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Once again, the US Food and Drug Administration is delaying the debut of a controversial rule for updating generic drug labeling. The rule would allow generic drug makers to independently update safety warnings, something that only brand-name drug makers can currently do before receiving FDA permission.

The agency never set a specific introduction date, but the rule was widely expected to be introduced this spring. But on Wednesday, a notice indicated the publication date was extended until April 2017. In fact, this marks the third time since the FDA proposed its rule in 2013 that the rule has been delayed amid opposition from the pharmaceutical industry and some lawmakers.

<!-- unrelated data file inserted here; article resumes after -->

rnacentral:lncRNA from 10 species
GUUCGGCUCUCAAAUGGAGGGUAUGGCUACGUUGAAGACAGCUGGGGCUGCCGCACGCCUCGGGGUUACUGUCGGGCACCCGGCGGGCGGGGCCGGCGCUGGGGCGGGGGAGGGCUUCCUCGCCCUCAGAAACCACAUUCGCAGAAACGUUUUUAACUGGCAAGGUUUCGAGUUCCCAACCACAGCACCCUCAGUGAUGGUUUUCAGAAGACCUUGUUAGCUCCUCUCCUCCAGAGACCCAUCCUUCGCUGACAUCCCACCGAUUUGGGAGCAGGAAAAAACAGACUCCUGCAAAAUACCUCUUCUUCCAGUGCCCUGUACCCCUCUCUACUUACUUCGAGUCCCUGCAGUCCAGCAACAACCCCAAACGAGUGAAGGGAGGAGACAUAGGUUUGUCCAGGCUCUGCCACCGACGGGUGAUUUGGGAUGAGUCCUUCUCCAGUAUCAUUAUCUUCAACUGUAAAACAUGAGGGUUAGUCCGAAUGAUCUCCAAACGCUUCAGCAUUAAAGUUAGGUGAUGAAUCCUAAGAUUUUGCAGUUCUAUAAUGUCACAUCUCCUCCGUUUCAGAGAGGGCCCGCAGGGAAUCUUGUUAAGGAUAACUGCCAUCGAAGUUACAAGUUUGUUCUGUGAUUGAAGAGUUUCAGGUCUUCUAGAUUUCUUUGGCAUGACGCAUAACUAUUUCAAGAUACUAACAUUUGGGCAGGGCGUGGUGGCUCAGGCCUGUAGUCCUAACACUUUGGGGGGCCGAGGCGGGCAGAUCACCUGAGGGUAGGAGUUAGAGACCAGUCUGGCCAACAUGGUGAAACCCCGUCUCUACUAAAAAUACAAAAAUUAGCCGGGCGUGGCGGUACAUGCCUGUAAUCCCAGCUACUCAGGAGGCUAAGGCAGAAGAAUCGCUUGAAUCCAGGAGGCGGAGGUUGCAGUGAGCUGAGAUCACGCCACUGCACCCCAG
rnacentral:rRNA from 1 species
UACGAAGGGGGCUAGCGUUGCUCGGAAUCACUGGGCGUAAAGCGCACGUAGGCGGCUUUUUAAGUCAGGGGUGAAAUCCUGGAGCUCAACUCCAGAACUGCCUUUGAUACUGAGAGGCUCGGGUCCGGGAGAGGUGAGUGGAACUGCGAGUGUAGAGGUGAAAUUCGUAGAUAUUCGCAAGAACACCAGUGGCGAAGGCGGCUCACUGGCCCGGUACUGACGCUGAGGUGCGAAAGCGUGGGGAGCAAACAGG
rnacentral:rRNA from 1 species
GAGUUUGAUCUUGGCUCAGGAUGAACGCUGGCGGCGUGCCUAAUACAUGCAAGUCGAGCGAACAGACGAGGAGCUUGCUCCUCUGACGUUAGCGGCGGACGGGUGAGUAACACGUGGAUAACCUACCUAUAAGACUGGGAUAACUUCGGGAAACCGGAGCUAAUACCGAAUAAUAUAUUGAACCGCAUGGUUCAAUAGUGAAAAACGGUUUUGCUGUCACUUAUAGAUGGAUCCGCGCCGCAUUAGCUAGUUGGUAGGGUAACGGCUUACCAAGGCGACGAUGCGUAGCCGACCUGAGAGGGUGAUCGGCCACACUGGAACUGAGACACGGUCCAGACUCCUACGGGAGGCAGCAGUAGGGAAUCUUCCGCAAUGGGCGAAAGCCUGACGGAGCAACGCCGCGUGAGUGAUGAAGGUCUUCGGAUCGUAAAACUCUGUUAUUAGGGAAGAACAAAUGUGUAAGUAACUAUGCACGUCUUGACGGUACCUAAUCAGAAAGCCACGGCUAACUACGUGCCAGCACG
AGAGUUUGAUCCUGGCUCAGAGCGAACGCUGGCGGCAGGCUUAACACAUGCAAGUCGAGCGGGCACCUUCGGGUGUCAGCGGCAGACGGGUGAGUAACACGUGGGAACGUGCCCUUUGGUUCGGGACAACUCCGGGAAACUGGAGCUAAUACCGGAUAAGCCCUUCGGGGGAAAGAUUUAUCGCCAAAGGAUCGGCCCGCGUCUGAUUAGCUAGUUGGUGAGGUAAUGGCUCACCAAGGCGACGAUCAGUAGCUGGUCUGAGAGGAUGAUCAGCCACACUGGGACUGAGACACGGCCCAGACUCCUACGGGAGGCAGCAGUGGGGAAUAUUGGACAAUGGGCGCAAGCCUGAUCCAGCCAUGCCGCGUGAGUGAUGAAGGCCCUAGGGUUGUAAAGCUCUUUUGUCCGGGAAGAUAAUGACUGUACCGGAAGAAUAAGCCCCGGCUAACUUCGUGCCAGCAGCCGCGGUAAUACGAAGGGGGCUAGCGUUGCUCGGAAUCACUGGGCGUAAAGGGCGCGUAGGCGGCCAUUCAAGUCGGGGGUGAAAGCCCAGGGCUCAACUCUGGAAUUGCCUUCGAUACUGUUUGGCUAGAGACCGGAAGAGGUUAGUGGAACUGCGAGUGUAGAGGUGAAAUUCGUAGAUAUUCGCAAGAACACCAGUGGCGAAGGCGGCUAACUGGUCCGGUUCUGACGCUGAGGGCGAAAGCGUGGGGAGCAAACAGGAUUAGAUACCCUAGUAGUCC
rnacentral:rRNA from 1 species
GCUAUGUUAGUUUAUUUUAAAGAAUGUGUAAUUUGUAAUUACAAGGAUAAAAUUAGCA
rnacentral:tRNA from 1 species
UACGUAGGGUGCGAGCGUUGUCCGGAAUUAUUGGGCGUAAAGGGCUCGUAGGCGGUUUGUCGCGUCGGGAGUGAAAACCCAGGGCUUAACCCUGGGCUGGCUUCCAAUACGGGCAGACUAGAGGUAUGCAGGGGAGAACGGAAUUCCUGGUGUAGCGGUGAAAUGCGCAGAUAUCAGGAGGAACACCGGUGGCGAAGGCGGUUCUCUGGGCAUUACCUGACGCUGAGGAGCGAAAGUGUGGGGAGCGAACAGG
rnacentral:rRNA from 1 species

The delay comes one month after the House Appropriations Committee proposed a spending bill that would prevent the FDA from using its funding to enact the rule as early as this summer. At the same time, more than a dozen companies and organizations urged the FDA not to proceed over concerns a potpourri of labels would result. Among them were CVS and trade groups representing health insurers, pharmacists, and pharmaceutical wholesalers.

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